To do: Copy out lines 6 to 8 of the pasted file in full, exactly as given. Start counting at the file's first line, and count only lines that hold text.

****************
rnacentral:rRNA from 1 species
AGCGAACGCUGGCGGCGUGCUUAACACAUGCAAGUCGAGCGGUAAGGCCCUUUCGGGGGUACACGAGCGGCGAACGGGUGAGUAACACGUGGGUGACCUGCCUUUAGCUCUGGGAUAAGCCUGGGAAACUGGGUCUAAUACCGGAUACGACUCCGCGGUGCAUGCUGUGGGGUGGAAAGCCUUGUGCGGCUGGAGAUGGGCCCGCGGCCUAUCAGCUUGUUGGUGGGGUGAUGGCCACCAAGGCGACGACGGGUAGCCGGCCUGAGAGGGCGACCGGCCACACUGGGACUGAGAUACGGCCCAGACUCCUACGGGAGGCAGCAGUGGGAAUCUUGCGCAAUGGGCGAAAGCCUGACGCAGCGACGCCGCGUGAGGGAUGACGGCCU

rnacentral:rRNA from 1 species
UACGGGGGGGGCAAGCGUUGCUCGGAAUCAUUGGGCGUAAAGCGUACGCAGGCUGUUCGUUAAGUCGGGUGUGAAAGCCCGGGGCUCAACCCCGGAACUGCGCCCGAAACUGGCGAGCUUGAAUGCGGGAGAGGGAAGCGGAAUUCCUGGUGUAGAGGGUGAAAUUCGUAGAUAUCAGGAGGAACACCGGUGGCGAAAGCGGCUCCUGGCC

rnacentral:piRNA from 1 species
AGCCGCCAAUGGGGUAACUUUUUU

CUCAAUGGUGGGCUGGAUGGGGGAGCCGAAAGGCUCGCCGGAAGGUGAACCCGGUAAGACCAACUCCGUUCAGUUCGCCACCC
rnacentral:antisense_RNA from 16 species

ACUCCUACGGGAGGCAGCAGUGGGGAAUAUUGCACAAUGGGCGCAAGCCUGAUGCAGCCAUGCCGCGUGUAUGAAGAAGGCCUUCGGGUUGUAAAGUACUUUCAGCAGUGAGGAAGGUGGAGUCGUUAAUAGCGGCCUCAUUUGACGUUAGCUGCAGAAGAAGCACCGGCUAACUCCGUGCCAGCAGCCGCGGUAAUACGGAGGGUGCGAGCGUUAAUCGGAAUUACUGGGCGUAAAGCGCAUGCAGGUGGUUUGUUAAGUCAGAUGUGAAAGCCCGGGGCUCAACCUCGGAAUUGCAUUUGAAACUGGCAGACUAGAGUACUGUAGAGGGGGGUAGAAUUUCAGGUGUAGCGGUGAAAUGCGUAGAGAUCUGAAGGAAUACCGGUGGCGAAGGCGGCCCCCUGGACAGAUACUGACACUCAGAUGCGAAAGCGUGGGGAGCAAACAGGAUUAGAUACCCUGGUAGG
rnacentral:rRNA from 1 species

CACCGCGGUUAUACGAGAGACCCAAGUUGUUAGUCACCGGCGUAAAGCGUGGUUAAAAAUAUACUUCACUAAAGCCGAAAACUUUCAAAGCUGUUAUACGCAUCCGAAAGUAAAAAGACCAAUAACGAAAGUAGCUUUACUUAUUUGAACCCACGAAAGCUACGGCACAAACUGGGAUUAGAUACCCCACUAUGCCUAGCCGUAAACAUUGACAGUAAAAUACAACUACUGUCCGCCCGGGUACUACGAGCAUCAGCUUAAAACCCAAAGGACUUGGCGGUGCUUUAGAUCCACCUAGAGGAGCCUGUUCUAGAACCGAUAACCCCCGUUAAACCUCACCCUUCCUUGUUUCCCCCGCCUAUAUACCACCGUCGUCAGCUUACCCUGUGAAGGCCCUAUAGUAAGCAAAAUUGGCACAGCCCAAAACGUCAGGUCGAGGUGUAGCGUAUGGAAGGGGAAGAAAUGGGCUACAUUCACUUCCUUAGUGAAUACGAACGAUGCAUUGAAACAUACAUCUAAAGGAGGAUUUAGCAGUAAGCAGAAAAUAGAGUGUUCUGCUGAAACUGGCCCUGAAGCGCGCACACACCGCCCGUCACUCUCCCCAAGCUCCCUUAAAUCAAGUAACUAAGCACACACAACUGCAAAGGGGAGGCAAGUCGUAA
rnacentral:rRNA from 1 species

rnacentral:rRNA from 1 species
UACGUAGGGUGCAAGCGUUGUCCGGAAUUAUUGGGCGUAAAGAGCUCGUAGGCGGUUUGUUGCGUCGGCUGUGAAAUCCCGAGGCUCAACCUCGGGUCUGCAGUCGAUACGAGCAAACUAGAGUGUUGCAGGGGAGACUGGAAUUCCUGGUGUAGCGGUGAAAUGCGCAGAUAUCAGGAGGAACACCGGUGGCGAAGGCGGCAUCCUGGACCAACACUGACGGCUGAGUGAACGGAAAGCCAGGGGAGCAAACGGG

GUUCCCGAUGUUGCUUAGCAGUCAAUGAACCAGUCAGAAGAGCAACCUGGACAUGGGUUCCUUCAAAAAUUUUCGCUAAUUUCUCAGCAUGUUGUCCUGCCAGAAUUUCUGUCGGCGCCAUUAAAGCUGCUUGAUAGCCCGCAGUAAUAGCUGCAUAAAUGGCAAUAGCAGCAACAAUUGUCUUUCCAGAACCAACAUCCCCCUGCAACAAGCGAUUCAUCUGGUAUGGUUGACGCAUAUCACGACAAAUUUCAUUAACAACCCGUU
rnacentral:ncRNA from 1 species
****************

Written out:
AGCCGCCAAUGGGGUAACUUUUUU

CUCAAUGGUGGGCUGGAUGGGGGAGCCGAAAGGCUCGCCGGAAGGUGAACCCGGUAAGACCAACUCCGUUCAGUUCGCCACCC
rnacentral:antisense_RNA from 16 species